by Erin Bishop
I don’t know how many of you live in an area that has seen a hotter than average summer, but here in Seattle, we have. Because I live in a very temperate area, I’ve never thought about how frequent I should oil my drums. So I was shocked and in a panic that one of my hand drums started developing cracks.
Research, Research, Research
I knew I needed to fix whatever the problem was and fast. I know that the rawhide material is made from the skins of animals and any cracks would have developed from a lack of moisture, just like our skin. But unlike our alive skin, it cannot repair itself and since it already developed a crack it will always have that crack. What I needed to do was to stop the spread, but what products do I use? And how can I obviously take better care in the future.
For answers to those questions I did a simple search on Google by typing in “The rawhide on my drum is cracking what do I do?” I then read over the top 4 links to find out that drums need natural based oils like shea butter and coconut oil, or leather based conditioners like saddle soap. I wanted to jump into action right away, and not wait for a package to arrive or to make a trip to the store. I asked Willow what products would fit that description. She pointed out that we have an Aussie Conditioner and coconut oil.
No Time to Lose, Apply NOW!
So Willow and I applied the Aussie Conditioner, a bees wax to the cracked drum. Neither of us were satisfied with the results so we switched to our coconut oil. Satisfied with the results of the coconut oil application. I then used the oil on my non-cracked drum, hopefully that will stop that one from cracking.
“If you've got a problem, take it out on a drum.” - Neil Peart
Other tips I’ve learned from those sites, share that you should never keep your drums in a car, something I did while camping. Oil regularly, a practice that I will have to start. Store at room temperature, something I already do. Tuning your drum is important, wish I knew how to tune. It’s best to store them in a bag that breathes and is made out of a similar material. Happy Drumming!
By Willow Enright
Fall is just around the corner, and it’s time to pull out all your favorite leather items in preparation for cooler temperatures. It’s important to clean, rejuvenate, and condition your leather goods regularly. The more you use them, the more care you should give them. The fall is a perfect time to give your favorite leather a round of loving care. I’m going to demonstrate how to do this with my puppy Lando’s leather Martingale collar. We recently went camping and Lando definitely gave his leather collar a run through the mud and elements. So, it was time to clean it and bring it back to life!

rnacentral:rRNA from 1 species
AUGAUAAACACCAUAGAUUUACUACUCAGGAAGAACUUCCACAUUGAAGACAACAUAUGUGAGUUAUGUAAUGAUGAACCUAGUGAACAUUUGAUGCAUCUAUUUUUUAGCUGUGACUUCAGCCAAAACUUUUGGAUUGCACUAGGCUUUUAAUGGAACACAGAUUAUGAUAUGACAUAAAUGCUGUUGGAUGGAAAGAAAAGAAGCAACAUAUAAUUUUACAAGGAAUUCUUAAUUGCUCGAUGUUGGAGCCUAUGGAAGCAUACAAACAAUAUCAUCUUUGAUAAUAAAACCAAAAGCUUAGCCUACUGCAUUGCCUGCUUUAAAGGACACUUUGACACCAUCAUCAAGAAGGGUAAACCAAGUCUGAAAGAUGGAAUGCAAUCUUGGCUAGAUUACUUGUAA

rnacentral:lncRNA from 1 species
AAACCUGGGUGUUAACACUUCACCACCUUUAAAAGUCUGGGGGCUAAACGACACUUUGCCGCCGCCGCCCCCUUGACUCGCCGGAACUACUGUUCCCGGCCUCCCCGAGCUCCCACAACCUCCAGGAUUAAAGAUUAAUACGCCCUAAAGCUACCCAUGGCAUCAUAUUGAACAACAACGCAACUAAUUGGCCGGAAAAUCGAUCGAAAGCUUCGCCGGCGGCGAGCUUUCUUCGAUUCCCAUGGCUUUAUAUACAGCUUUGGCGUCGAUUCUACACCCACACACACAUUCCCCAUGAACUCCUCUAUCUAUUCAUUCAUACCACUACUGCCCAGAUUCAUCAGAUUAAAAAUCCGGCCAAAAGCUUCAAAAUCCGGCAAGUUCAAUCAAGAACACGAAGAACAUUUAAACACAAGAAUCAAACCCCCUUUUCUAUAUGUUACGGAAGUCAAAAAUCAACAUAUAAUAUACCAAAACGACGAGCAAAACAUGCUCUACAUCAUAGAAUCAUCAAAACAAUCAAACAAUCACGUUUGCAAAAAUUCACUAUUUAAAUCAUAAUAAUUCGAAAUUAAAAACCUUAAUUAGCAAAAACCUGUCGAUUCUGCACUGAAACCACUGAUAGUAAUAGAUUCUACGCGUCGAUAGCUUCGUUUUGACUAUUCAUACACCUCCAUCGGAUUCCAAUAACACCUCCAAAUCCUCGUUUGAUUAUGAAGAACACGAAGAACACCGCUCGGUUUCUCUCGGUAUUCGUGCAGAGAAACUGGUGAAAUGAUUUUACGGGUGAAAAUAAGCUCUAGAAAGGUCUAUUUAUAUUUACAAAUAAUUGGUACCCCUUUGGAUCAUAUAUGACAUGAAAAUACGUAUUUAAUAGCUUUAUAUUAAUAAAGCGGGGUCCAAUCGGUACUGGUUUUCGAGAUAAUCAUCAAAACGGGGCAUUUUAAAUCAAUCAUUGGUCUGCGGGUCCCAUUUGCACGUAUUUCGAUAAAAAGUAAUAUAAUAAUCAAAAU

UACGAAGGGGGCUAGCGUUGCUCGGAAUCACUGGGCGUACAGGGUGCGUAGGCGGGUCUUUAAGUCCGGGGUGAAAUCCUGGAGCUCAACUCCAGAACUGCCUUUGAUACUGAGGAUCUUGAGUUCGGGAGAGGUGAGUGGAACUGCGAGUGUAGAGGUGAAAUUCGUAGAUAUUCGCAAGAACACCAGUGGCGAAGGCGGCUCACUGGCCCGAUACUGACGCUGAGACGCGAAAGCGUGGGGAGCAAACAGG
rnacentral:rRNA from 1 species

This collar was pretty caked with dirt and it required a damp cloth wipe down before using a leather cleaner. I used Chamberlain’s Leather Milk Formula No. 2, the straight cleaner. Applying a generous amount onto the sponge, use circular motions to work the cleaner into the leather. Since this is an unlined dog collar I also cleaned the inside of the leather collar in the same way. Once you give it a good scrub down, let it dry before deciding if you need another round of cleaning. I repeated the process twice before I felt that it was clean enough.
After cleaning the leather and letting it dry, it’s time to rejuvenate it! Another Chamberlain’s Leather Milk Formula No. 1, leather care liniment for rejuvenating the leather. Using a different sponge apply the same technique of liquid on the sponge and circular motions in order to work the cream into the leather. This process will darken your leather somewhat as it helps to replenish the natural oils in the leather. Since Lando’s collar was extremely dirty and required that I use a damp cloth as well as two rounds of the straight cleaner, I gave both sides of the leather a healthy amount of cream. Let it dry completely before moving onto the final conditioning.
Once you have cleaned the dirt and rejuvenated the natural oils in the leather, you can condition the leather to help protect it. I then used Chamberlain’s Leather Milk Formula No. 3, to penetrate the oils and waxes, as it rejuvenates the leather. It does this in such a way as to deeply condition leather while making it rather water-resistant. Some finished leathers will be much more water-resistant after application while a natural finished leather will actually absorb more of the recipe and become a bit less water-resistant. As the oils in the leather evaporate and the waxes wear off of the leather over time, the leather will become less water-resistant. How long that takes will depend on the exposure conditions and the type of leather. If you use it once a year then an annual ritual is plenty, however if you use it daily in the rain then once a month is better.
If you don’t have that many leather items and don’t want to spend $70-80 on supplies that will just sit in your closet until you forget why you bought them, I don’t blame you. This is where getting to know your local leather worker, researching their methods, looking at examples of previous works, can really save you some money. So dig out that leather jacket and have it cleaned just in time for Fall.
Just let your friend believe that your leather jacket is new, I won’t tell if you wont.
by Willow Enright
Erin and I recently went second hand shopping and found a wonderful leather cap that was a bit down on its luster. We rescued it and I went to work on bringing it back to life. Below are the steps that I took to give this classic cap a nicely weathered flare.